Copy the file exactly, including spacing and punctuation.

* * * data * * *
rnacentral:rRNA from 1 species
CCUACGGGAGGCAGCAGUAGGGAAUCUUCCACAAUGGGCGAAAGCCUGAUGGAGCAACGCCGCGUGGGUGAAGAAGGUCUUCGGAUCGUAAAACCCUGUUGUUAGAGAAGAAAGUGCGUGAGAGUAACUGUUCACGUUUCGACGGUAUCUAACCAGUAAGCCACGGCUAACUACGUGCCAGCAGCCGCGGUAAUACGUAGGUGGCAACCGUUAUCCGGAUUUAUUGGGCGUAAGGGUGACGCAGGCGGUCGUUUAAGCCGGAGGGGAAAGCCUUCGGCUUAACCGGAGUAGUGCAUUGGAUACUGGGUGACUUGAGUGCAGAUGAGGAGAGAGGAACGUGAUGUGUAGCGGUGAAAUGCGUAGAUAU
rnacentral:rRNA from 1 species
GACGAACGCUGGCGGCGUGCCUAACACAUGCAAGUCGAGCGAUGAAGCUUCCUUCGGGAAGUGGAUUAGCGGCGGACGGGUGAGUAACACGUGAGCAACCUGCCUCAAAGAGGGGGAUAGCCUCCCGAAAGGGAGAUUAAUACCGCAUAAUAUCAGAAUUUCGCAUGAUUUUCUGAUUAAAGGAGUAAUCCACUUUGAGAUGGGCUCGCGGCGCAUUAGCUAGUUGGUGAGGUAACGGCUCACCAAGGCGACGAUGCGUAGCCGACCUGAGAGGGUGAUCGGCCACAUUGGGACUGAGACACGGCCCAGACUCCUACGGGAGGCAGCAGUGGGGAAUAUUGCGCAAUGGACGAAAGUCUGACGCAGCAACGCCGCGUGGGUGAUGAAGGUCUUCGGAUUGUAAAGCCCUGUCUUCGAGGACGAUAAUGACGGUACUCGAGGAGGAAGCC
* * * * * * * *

rnacentral:rRNA from 1 species
CCUACGGGAGGCAGCAGUAGGGAAUCUUCCACAAUGGGCGAAAGCCUGAUGGAGCAACGCCGCGUGGGUGAAGAAGGUCUUCGGAUCGUAAAACCCUGUUGUUAGAGAAGAAAGUGCGUGAGAGUAACUGUUCACGUUUCGACGGUAUCUAACCAGUAAGCCACGGCUAACUACGUGCCAGCAGCCGCGGUAAUACGUAGGUGGCAACCGUUAUCCGGAUUUAUUGGGCGUAAGGGUGACGCAGGCGGUCGUUUAAGCCGGAGGGGAAAGCCUUCGGCUUAACCGGAGUAGUGCAUUGGAUACUGGGUGACUUGAGUGCAGAUGAGGAGAGAGGAACGUGAUGUGUAGCGGUGAAAUGCGUAGAUAU
rnacentral:rRNA from 1 species
GACGAACGCUGGCGGCGUGCCUAACACAUGCAAGUCGAGCGAUGAAGCUUCCUUCGGGAAGUGGAUUAGCGGCGGACGGGUGAGUAACACGUGAGCAACCUGCCUCAAAGAGGGGGAUAGCCUCCCGAAAGGGAGAUUAAUACCGCAUAAUAUCAGAAUUUCGCAUGAUUUUCUGAUUAAAGGAGUAAUCCACUUUGAGAUGGGCUCGCGGCGCAUUAGCUAGUUGGUGAGGUAACGGCUCACCAAGGCGACGAUGCGUAGCCGACCUGAGAGGGUGAUCGGCCACAUUGGGACUGAGACACGGCCCAGACUCCUACGGGAGGCAGCAGUGGGGAAUAUUGCGCAAUGGACGAAAGUCUGACGCAGCAACGCCGCGUGGGUGAUGAAGGUCUUCGGAUUGUAAAGCCCUGUCUUCGAGGACGAUAAUGACGGUACUCGAGGAGGAAGCC